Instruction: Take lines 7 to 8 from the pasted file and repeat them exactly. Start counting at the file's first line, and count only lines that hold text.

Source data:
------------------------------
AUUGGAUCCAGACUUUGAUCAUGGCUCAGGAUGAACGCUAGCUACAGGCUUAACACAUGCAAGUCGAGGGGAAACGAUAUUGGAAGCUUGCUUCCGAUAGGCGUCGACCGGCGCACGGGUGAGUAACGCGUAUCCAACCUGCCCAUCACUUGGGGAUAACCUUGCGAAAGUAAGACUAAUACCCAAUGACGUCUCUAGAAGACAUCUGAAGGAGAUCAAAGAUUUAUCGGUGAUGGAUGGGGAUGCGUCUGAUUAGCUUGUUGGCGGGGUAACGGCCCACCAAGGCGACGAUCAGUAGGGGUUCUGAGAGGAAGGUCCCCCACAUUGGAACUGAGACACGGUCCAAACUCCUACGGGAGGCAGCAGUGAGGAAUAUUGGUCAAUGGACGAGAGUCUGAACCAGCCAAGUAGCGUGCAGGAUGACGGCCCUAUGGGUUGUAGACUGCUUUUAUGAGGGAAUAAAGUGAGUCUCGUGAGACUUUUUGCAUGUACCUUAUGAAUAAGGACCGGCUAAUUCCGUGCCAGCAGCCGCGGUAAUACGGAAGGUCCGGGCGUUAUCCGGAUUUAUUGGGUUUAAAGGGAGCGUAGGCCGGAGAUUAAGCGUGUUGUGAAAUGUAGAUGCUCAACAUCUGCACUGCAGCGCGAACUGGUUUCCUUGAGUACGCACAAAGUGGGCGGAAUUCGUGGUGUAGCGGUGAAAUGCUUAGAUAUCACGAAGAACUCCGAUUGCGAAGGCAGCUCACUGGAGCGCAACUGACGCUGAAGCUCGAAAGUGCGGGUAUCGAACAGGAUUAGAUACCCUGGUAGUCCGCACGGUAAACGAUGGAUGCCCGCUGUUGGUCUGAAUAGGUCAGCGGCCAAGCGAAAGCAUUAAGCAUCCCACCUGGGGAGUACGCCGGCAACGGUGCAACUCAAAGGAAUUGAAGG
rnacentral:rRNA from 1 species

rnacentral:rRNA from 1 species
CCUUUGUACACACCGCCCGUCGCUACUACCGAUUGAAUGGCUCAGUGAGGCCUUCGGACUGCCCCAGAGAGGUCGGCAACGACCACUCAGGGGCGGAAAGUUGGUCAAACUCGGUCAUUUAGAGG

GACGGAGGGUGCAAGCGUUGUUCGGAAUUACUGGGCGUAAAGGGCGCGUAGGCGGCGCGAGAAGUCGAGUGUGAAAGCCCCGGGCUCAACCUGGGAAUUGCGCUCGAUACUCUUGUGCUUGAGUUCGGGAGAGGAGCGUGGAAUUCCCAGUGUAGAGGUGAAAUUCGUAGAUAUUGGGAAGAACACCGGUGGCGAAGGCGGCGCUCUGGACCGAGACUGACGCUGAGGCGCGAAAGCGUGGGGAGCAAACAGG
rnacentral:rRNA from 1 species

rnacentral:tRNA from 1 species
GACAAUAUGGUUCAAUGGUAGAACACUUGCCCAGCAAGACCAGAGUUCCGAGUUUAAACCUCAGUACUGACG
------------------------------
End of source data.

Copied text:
rnacentral:tRNA from 1 species
GACAAUAUGGUUCAAUGGUAGAACACUUGCCCAGCAAGACCAGAGUUCCGAGUUUAAACCUCAGUACUGACG